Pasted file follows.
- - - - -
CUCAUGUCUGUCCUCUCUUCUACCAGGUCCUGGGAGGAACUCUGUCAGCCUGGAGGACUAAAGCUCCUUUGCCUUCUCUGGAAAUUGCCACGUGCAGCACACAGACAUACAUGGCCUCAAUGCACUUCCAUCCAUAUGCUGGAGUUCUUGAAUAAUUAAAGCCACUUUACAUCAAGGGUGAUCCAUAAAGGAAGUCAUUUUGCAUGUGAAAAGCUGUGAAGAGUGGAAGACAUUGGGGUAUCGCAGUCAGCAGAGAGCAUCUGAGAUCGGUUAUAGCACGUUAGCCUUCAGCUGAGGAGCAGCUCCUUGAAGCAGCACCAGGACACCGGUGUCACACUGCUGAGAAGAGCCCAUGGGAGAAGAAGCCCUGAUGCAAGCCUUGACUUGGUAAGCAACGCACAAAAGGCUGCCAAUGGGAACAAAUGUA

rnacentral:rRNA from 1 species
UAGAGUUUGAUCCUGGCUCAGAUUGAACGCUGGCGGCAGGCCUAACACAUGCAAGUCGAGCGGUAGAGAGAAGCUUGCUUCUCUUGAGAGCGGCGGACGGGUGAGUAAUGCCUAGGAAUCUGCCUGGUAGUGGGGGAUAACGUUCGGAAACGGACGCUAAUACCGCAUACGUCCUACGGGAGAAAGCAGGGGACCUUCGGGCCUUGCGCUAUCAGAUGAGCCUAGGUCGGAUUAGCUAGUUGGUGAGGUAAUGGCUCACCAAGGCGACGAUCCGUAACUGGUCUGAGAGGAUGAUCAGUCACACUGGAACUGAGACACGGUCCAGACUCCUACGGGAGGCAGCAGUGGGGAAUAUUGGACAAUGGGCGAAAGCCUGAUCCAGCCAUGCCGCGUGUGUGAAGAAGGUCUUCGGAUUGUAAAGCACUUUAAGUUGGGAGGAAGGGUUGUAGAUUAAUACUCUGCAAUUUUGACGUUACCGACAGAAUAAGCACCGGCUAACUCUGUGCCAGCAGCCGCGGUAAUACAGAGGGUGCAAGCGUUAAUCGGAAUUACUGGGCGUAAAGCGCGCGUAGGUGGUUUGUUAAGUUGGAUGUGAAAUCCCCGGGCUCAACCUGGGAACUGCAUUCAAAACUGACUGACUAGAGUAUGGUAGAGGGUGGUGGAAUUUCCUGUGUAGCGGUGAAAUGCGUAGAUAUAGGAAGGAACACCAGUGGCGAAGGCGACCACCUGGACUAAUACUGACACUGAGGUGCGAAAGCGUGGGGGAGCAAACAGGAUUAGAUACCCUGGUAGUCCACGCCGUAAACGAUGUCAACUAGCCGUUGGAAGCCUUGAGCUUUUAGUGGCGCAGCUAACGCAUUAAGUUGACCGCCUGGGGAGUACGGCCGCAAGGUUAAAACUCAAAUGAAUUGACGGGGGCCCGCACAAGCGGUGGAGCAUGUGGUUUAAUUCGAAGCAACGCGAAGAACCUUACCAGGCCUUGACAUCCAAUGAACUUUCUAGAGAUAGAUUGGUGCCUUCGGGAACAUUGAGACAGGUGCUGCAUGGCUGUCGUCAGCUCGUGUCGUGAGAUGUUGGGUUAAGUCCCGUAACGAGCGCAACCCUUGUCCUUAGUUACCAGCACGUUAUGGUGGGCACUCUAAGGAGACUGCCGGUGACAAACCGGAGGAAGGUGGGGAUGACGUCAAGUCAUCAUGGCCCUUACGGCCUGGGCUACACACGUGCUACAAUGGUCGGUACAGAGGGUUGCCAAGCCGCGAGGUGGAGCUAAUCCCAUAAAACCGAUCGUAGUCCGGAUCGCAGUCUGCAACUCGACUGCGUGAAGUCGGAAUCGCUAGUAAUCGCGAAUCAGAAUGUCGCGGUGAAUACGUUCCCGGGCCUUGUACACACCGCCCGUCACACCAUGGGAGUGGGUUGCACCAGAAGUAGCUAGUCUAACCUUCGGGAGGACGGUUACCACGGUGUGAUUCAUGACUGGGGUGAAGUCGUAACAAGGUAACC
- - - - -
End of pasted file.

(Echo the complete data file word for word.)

CUCAUGUCUGUCCUCUCUUCUACCAGGUCCUGGGAGGAACUCUGUCAGCCUGGAGGACUAAAGCUCCUUUGCCUUCUCUGGAAAUUGCCACGUGCAGCACACAGACAUACAUGGCCUCAAUGCACUUCCAUCCAUAUGCUGGAGUUCUUGAAUAAUUAAAGCCACUUUACAUCAAGGGUGAUCCAUAAAGGAAGUCAUUUUGCAUGUGAAAAGCUGUGAAGAGUGGAAGACAUUGGGGUAUCGCAGUCAGCAGAGAGCAUCUGAGAUCGGUUAUAGCACGUUAGCCUUCAGCUGAGGAGCAGCUCCUUGAAGCAGCACCAGGACACCGGUGUCACACUGCUGAGAAGAGCCCAUGGGAGAAGAAGCCCUGAUGCAAGCCUUGACUUGGUAAGCAACGCACAAAAGGCUGCCAAUGGGAACAAAUGUA

rnacentral:rRNA from 1 species
UAGAGUUUGAUCCUGGCUCAGAUUGAACGCUGGCGGCAGGCCUAACACAUGCAAGUCGAGCGGUAGAGAGAAGCUUGCUUCUCUUGAGAGCGGCGGACGGGUGAGUAAUGCCUAGGAAUCUGCCUGGUAGUGGGGGAUAACGUUCGGAAACGGACGCUAAUACCGCAUACGUCCUACGGGAGAAAGCAGGGGACCUUCGGGCCUUGCGCUAUCAGAUGAGCCUAGGUCGGAUUAGCUAGUUGGUGAGGUAAUGGCUCACCAAGGCGACGAUCCGUAACUGGUCUGAGAGGAUGAUCAGUCACACUGGAACUGAGACACGGUCCAGACUCCUACGGGAGGCAGCAGUGGGGAAUAUUGGACAAUGGGCGAAAGCCUGAUCCAGCCAUGCCGCGUGUGUGAAGAAGGUCUUCGGAUUGUAAAGCACUUUAAGUUGGGAGGAAGGGUUGUAGAUUAAUACUCUGCAAUUUUGACGUUACCGACAGAAUAAGCACCGGCUAACUCUGUGCCAGCAGCCGCGGUAAUACAGAGGGUGCAAGCGUUAAUCGGAAUUACUGGGCGUAAAGCGCGCGUAGGUGGUUUGUUAAGUUGGAUGUGAAAUCCCCGGGCUCAACCUGGGAACUGCAUUCAAAACUGACUGACUAGAGUAUGGUAGAGGGUGGUGGAAUUUCCUGUGUAGCGGUGAAAUGCGUAGAUAUAGGAAGGAACACCAGUGGCGAAGGCGACCACCUGGACUAAUACUGACACUGAGGUGCGAAAGCGUGGGGGAGCAAACAGGAUUAGAUACCCUGGUAGUCCACGCCGUAAACGAUGUCAACUAGCCGUUGGAAGCCUUGAGCUUUUAGUGGCGCAGCUAACGCAUUAAGUUGACCGCCUGGGGAGUACGGCCGCAAGGUUAAAACUCAAAUGAAUUGACGGGGGCCCGCACAAGCGGUGGAGCAUGUGGUUUAAUUCGAAGCAACGCGAAGAACCUUACCAGGCCUUGACAUCCAAUGAACUUUCUAGAGAUAGAUUGGUGCCUUCGGGAACAUUGAGACAGGUGCUGCAUGGCUGUCGUCAGCUCGUGUCGUGAGAUGUUGGGUUAAGUCCCGUAACGAGCGCAACCCUUGUCCUUAGUUACCAGCACGUUAUGGUGGGCACUCUAAGGAGACUGCCGGUGACAAACCGGAGGAAGGUGGGGAUGACGUCAAGUCAUCAUGGCCCUUACGGCCUGGGCUACACACGUGCUACAAUGGUCGGUACAGAGGGUUGCCAAGCCGCGAGGUGGAGCUAAUCCCAUAAAACCGAUCGUAGUCCGGAUCGCAGUCUGCAACUCGACUGCGUGAAGUCGGAAUCGCUAGUAAUCGCGAAUCAGAAUGUCGCGGUGAAUACGUUCCCGGGCCUUGUACACACCGCCCGUCACACCAUGGGAGUGGGUUGCACCAGAAGUAGCUAGUCUAACCUUCGGGAGGACGGUUACCACGGUGUGAUUCAUGACUGGGGUGAAGUCGUAACAAGGUAACC